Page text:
Where an agreement among the members of a regional school district determined the funds due from each member as of a certain date after enrollment in the school was "accomplished," enrollment was "accomplished" for purposes of the agreement when the school became a going concern, notwithstanding the fact that it was operating at less than full capacity on the agreed date. [59-60]
BILL IN EQUITY filed in the Superior Court on April 1, 1971.
The suit was heard by Kalus, J.
Leo P. DeMarco, City Solicitor, for the City of Malden.
Mario L. Simeola, Town Counsel, for the Town of Wakefield (Thomas M. Leahy, Town Counsel, for the Town of Stoneham, with him).
BRAUCHER, J. The Northeast Metropolitan Regional Vocational School District (the regional school) consists of five cities (Chelsea, Malden, Melrose, Revere and Woburn), and seven towns (North Reading, Reading, Saugus, Stoneham, Wakefield, Winchester and Winthrop). St. 1962, c. 703, as amended by St. 1963, c. 682. In 1963 the member communities executed an agreement with respect to the establishment of the regional school. Section IV (D) of that agreement provided for the apportionment of the capital and operating costs of the regional school among the member communities. A controversy
arose as to the proper method of apportionment of the costs for the calendar year 1971, and five towns brought this bill for declaratory relief against the regional school, its school committee, and the remaining member cities and towns. From the final decree the defendant city of Malden appeals. The judge made findings, rulings and an order for decree, and the evidence is reported.
We summarize the findings. The agreement [Note 1] provided for apportionment on the basis of pupil enrollments in the regional school from the member communities, determined on October 1 of the year preceding the budget year. "In the event that enrollment in the regional district school has not been accomplished by October 1 of any such year," the agreement provided an alternative basis for apportionment, the enrollments in grades nine through twelve in the member communities. The defendant school committee adopted a budget of $2,946,847 for the calendar year 1971, and apportioned it on the alternative basis of pupil enrollments in the member communities. The regional school opened in September, 1970, and on October 1, 1970, its total enrollment was 846 students.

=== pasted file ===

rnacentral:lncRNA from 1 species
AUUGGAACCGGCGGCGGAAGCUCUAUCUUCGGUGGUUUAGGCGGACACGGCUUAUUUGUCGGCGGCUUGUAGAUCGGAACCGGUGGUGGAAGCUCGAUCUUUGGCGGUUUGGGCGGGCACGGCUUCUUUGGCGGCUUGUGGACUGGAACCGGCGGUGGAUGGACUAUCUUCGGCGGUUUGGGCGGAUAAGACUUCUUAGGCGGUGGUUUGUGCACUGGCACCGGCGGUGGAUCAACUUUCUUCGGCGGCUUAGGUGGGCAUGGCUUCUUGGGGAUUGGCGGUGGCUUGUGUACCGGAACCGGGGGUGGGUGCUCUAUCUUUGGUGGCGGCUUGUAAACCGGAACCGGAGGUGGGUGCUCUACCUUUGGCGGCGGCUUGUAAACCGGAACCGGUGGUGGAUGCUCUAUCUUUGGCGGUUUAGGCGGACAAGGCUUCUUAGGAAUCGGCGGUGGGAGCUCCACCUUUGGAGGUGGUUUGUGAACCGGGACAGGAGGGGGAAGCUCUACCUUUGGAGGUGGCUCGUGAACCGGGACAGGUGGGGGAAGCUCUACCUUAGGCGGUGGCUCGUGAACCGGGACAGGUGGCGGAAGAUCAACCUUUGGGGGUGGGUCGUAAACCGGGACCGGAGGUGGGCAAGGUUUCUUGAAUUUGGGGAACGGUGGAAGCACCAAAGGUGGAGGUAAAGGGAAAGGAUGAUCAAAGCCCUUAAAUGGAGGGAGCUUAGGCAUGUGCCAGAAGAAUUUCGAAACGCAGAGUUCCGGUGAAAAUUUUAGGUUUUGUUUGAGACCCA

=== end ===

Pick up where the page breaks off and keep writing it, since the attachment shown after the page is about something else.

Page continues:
The judge ruled that the apportionment made by the defendant school committee violated the terms of the agreement and that the correct apportionment should have been based upon pupil enrollments in the regional school on October 1, 1970, and a decree was entered so declaring and directing the defendant school committee
to reapportion the costs in accordance with the correct formula. There was no error.
In effect the judge ruled that "enrollment in the regional district school" had been "accomplished" by October 1, 1970. It is argued that the school was built to accommodate 1,200 students, that applications for admission were on file for some 1,500 students, that the school facilities to handle these applicants were not available, and that it was therefore a proper exercise of the judgment and discretion of the defendant school committee to determine that "enrollment" had not been "accomplished" until the school was reasonably near full capacity. We disagree.
We pass the point that there is no evidence that the defendant school committee voted to exercise any such discretion. Apparently the chairman ruled as matter of law that "enrollment" had not been "accomplished," and the committee voted to sustain his ruling. There is nothing in the agreement to suggest that the committee was to have any discretion in deciding how to apportion costs among the member communities, and the organization of the committee, with each city or town having one vote, regardless of population, was not such as to make such discretion appropriate. The plain meaning of the agreement in the light of its context and purpose is that enrollment in the regional district school has been "accomplished" if the school is a going concern on October 1. As the judge pointed out, enrollments in the member communities merely indicated potential enrollment in the regional school, and should yield to actual enrollment when actual enrollment is available.
The plain meaning of the contract is reinforced by considerations of fairness. The choice of formula affects the taxes to be levied by the member communities, and a choice of formula which requires the taxpayers of one town to pay for the education of children from another town does not commend itself.
[Note 1] Section IV (D) reads as follows: "Apportionment of Capital and Operating Costs Capital and operating costs for the first calendar year next following the establishment of the regional school district and for every calendar year thereafter shall be apportioned to the member municipalities on the basis of their respective pupil enrollments in the regional district school. Each member municipality's share of capital and operating costs for each calendar year shall be determined by computing the ratio which that municipality's pupil enrollment in the regional district school on October 1 of the year next preceding the year for which the apportionment is determined bears to the total pupil enrollment from all the member municipalities in the regional district school on the same date. In the event that enrollment in the regional district school has not been accomplished by October 1 of any such year, capital and operating costs shall be apportioned on the basis of enrollment in grades nine through twelve of pupils residing in each member municipality and receiving education at such municipality's expense on October 1 of such year."